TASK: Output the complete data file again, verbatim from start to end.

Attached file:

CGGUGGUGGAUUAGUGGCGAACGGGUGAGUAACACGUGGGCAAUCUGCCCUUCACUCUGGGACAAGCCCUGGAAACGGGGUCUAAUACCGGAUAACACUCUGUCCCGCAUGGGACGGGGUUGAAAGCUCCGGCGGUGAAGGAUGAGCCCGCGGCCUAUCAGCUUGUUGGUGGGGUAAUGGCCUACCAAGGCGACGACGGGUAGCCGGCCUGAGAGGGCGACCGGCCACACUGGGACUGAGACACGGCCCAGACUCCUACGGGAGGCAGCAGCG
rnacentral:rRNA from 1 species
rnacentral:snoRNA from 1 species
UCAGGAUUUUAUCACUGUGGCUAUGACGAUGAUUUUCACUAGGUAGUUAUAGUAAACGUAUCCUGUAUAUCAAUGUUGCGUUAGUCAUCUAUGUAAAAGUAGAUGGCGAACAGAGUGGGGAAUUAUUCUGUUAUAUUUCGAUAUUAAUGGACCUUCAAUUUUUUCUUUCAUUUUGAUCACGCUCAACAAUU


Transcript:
CGGUGGUGGAUUAGUGGCGAACGGGUGAGUAACACGUGGGCAAUCUGCCCUUCACUCUGGGACAAGCCCUGGAAACGGGGUCUAAUACCGGAUAACACUCUGUCCCGCAUGGGACGGGGUUGAAAGCUCCGGCGGUGAAGGAUGAGCCCGCGGCCUAUCAGCUUGUUGGUGGGGUAAUGGCCUACCAAGGCGACGACGGGUAGCCGGCCUGAGAGGGCGACCGGCCACACUGGGACUGAGACACGGCCCAGACUCCUACGGGAGGCAGCAGCG
rnacentral:rRNA from 1 species
rnacentral:snoRNA from 1 species
UCAGGAUUUUAUCACUGUGGCUAUGACGAUGAUUUUCACUAGGUAGUUAUAGUAAACGUAUCCUGUAUAUCAAUGUUGCGUUAGUCAUCUAUGUAAAAGUAGAUGGCGAACAGAGUGGGGAAUUAUUCUGUUAUAUUUCGAUAUUAAUGGACCUUCAAUUUUUUCUUUCAUUUUGAUCACGCUCAACAAUU